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Bill Kerby
Born United States
Nationality American
Other names Kent State University
Occupation Screenwriter

Bill Kerby was a screenwriter for several Hollywood films and television series who wrote and co-wrote the 1970s films Hooper and The Rose.[1]

Education and early career

Kerby received a B.A. from Kent State University in 1962 and an M.F.A. from UCLA; where he was a Louis B. Mayer grant winner and teaching assistant, graduating in 1969.[citation needed]

He served in the United States Marine Corps, 1955–58, and was an actor and Welfare Investigator in New York City in the early 1960s. He also taught at Sherwood Oaks School, in Los Angeles, in the 1970s, and the Summer writers' workshop at the National Film and Television School of England from 1985 to 1990.[citation needed]

Writing career

Film

  • Last American Hero, starring Jeff Bridges and Valerie Perrine, 20th Century Fox, 1973, uncredited.
  • The Gravy Train, starring Stacy Keach, Frederic Forrest, and Margot Kidder, Columbia, 1974, co-written.
  • Hooper, starring Burt Reynolds, Sally Field, Brian Keith, and Jan Michael Vincent, Warner Bros., 1977, co-screenplay.
  • Firepower, starring James Coburn. Sophia Loren, Eli Wallach, and O.J. Simpson, ITC, story by.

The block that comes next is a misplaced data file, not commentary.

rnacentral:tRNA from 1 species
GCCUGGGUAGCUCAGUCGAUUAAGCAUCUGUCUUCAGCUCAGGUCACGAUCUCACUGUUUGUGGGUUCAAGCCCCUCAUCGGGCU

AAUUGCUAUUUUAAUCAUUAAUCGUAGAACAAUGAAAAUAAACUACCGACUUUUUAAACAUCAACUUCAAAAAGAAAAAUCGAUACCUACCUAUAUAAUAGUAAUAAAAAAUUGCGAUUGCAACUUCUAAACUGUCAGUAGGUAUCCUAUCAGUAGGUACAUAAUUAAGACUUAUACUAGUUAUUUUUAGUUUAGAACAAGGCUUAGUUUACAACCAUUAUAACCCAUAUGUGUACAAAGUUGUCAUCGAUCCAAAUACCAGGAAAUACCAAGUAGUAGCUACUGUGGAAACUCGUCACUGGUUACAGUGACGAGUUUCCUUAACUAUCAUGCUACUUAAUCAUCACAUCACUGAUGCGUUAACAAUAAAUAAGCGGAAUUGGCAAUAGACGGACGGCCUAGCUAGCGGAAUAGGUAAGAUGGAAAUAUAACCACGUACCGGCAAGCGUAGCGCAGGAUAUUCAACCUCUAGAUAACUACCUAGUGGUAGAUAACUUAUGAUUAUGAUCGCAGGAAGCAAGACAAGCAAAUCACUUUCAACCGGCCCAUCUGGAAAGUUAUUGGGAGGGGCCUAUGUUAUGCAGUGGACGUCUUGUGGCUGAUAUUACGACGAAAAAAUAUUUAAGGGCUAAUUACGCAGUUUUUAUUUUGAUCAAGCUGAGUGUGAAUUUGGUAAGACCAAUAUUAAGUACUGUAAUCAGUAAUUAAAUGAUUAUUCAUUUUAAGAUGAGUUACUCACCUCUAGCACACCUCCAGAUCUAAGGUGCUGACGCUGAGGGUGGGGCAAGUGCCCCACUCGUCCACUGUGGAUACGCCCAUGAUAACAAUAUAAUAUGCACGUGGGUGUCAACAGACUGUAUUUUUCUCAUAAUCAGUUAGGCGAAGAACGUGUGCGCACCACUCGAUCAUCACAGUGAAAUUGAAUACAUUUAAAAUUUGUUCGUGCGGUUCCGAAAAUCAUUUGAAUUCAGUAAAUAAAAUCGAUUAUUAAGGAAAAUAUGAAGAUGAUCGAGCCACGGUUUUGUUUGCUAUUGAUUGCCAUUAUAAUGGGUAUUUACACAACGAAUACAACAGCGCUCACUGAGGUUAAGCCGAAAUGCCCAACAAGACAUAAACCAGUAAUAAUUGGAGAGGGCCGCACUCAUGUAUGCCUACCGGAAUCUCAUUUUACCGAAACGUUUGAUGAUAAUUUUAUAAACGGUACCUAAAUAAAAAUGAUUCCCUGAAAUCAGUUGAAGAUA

• The Rose, starring Bette Midler, Alan Bates, and Frederic Forrest, Columbia, 1978, Academy Award nominations for Midler, Forrest, Best Music, Best Sound, Co-screenplay, sole story by.
  • Dead Men Can't Dance, starring Michael Biehn, Kathleen York, Adrian Paul, and R. Lee Ermey, Live Entertainment, 1997, co-screenplay.

Television

  • Alfred Hitchcock Presents, 2 episodes
  • Steel Cowboy, movie-of-the-week, CBS, 1976.
  • Dada is Death, CBS mini-series, 1989, best teleplay nomination from Australian Film Institute, written-by.
  • Lakota Woman: Siege at Wounded Knee, for Turner Network Television and Fonda Films, 1994, winner American Indian Film Festival, winner First Americans in the Arts, winner best TV film and screenplay by the National Cowboy Hall of Fame, nominee Humanitas Award for best teleplay.
  • Shake Rattle and Roll, CBS mini-series, part 2, co-teleplay.
  • Little Richard, NBC movie, 2000, co-written.
  • On the Beach, Showtime, 2000, co-teleplay, mini-series nominated for Golden Globe, 2001.
  • The Hatfields and the McCoys, History Channel, 6 hr. miniseries, highest rated non-sports cable show in TV history as of 2012,[citation needed] co-story by, all three nights. Nominated in 2012 for Primetime Emmy Award for Outstanding Writing for a Miniseries, Movie or a Dramatic Special. This miniseries also won the Writer's Guild Award for Best Longform Teleplay 2013. Kevin Costner won Golden Globe, Emmy and Screen Actors Guild awards for his role.

References

External links

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